By Susan Brinkmann, OCDS
Chinese Leader, Hu Jintao, who was refused a formal state dinner by President George W. Bush in 2006 because of the communist nation’s human rights record, will receive the country’s highest honors when the Obama’s play host to a four-day state visit beginning tomorrow.
The Guardian is reporting that the White House is planning a lavish reception for Hu on Wednesday in an effort to patch up rocky relations after a year of tensions concerning currency rates, North Korea and other international issues.
The president and Mrs. Obama will greet Hu upon his arrival at the White House tomorrow, followed by a review of troops, lengthy talks, a joint press conference and a black-tie dinner.
This is in stark contrast to his reception in 2006 by President Bush who limited the visit to a luncheon, a gesture the Chinese are said to have found insulting.
The White House says it will raise the issue of human rights during the visit, but Hu warned this weekend that the two countries should “respect each other’s choice of development path.”
Some of China’s most glaring human rights abuses concern its draconian one-child only “family planning” policy which is imposed by force in many areas of the country. The communist regime restricts all freedoms, including speech, movement and religion. Few legal safeguards exist in the country and its prison system is notorious for the inhumane treatment and torture of inmates. Hundreds of Tibetans are currently languishing in this prison system for simply expressing their religious and political beliefs.
Hu will not be able to avoid the issue of its human rights record, however, as pro-Tibet supports, Uighurs, Taiwanese and other human rights groups are planning to dog him throughout his four day visit, and are planning to hold a rally and candlelit vigil outside the White House during tomorrow night’s state dinner.
Members of Congress will also focus on China’s human rights record by holding a press conference that includes two leaders from the Tiananmen Square crackdown, Chai Ling and Yang Jianli, and Harry Wu, who spent 19 years in Chinese labor camps.
Hu gave a rare interview to the U.S. media this weekend when he permitted the Washington Post and Wall Street Journal to submit questions to him to which he replied in writing.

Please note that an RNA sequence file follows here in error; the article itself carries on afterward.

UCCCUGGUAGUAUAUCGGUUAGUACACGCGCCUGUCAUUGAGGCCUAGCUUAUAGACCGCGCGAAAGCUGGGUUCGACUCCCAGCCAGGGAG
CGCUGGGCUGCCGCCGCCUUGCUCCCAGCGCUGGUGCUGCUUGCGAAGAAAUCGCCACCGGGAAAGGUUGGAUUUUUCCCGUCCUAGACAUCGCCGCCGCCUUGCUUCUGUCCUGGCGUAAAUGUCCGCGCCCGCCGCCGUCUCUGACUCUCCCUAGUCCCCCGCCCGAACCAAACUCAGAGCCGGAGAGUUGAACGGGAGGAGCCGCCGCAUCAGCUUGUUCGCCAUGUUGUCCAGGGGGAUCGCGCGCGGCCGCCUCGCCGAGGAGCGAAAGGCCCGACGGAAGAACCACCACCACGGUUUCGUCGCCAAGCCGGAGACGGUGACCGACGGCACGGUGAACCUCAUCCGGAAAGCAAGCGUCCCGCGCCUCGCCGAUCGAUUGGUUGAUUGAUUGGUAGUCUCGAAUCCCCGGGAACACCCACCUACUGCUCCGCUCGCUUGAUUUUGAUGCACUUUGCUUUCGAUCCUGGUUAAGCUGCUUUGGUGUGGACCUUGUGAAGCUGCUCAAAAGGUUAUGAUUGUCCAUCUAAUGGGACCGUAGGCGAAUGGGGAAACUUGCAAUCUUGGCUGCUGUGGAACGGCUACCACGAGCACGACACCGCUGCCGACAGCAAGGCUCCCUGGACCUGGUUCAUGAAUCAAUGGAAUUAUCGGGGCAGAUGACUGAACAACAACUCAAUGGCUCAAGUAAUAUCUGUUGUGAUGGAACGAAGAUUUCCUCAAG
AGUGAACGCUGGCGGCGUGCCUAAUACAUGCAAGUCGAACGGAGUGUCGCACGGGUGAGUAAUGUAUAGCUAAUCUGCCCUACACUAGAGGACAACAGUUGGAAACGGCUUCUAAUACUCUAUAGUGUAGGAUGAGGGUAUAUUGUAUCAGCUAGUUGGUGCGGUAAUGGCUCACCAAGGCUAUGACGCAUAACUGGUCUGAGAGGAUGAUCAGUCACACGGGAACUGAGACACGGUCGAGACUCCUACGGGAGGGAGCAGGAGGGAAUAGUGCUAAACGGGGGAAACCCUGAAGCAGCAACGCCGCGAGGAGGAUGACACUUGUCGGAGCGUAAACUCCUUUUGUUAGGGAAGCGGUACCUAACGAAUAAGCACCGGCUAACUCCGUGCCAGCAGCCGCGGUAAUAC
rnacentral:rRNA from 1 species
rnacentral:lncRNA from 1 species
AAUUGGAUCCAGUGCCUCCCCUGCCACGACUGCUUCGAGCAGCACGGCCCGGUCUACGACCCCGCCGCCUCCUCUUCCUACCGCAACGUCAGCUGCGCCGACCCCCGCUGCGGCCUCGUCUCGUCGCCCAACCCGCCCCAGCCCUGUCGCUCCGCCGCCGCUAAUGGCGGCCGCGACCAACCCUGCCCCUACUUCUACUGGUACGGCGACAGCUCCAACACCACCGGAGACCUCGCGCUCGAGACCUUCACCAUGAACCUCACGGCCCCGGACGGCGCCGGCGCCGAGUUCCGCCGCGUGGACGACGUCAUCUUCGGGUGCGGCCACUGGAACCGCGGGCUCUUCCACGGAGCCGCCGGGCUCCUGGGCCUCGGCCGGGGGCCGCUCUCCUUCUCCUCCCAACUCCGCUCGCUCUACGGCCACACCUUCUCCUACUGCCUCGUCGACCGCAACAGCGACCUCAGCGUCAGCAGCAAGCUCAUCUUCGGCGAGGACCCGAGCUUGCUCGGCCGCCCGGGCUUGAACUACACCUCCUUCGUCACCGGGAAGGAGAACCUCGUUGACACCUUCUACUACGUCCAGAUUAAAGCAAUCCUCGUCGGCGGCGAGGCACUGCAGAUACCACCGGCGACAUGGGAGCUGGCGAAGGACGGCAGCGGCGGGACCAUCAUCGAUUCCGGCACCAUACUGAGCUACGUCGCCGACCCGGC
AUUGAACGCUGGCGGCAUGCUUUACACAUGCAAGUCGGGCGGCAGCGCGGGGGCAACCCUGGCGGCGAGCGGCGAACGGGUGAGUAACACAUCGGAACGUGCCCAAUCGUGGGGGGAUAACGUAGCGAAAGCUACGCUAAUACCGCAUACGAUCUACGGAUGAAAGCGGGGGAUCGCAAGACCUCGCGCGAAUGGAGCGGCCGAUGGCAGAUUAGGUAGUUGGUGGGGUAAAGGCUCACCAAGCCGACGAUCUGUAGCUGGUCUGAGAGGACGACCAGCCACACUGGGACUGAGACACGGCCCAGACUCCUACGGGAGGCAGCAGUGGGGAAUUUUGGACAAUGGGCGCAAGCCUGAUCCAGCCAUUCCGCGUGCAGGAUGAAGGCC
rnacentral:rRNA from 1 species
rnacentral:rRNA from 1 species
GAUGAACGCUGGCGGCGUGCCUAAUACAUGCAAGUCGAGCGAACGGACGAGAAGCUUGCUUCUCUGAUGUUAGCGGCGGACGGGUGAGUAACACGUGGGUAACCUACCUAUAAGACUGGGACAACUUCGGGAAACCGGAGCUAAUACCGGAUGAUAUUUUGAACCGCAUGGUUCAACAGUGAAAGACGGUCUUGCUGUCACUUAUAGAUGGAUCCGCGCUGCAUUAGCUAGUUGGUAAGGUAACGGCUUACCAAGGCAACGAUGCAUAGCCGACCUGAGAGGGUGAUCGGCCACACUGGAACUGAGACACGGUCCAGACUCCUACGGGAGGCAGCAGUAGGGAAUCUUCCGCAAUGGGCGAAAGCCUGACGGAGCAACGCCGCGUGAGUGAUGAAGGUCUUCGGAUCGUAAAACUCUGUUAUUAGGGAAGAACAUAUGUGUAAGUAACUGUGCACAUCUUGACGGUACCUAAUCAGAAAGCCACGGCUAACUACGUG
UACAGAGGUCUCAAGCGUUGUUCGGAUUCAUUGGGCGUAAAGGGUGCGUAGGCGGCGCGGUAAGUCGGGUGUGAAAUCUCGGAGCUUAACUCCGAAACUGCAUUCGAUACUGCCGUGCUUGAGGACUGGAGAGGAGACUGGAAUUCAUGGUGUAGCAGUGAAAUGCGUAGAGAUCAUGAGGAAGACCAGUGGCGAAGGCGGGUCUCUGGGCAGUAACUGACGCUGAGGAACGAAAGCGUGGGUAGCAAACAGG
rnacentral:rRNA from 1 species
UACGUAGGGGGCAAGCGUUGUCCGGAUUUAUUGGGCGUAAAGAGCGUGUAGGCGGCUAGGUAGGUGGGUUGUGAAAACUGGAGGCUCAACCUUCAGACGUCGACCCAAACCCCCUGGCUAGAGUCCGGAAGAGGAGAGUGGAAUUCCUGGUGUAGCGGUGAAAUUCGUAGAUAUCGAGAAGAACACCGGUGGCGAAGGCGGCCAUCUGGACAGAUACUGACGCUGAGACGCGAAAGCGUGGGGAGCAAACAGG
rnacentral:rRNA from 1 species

When asked about the need for political reform in the communist nation, Hu said this must come about in order to “meet people’s growing enthusiasm for participating in political affairs” but added: “We will define the institutions, standards and procedures for socialist democracy, expand people’s ordinary participation in political affairs at each level and in every field, mobilize and organize the people as extensively as possible, and strive for continued progress in building socialist political civilization.”
Just this weekend, he called the U.S. dollar-dominated currency system a “product of the past” and urged a move toward using the yuan as a global currency. On this very sensitive issue, Hu is offering no hint of compromise other than to say the international community should now work to “move toward the establishment of a fair, just, inclusive and well-managed international financial order” and “build a new and more equal and balanced global partnership” that would address the disparities between the developed world and poorer countries, which he called “the north and the south”.
When questioned about the country’s inaction regarding its aggressive neighbor, North Korea, Hu insisted China had “made relentless efforts” to calm tensions on the Korean peninsula and there have been signs of relaxation.
A White House briefing with national security adviser, Tom Donilon, said Obama and Hu would discuss security and political issues, such as North Korea, Iran and Sudan, as well as economic issues, is scheduled for Friday.
Because of China’s pivotal role in the global economy and foreign affairs, Hu’s visit is considered to be one of the most important of Obama’s presidency. The lavish reception planned is widely viewed as proof that Asia has now become more important to U.S. foreign relations than Europe.
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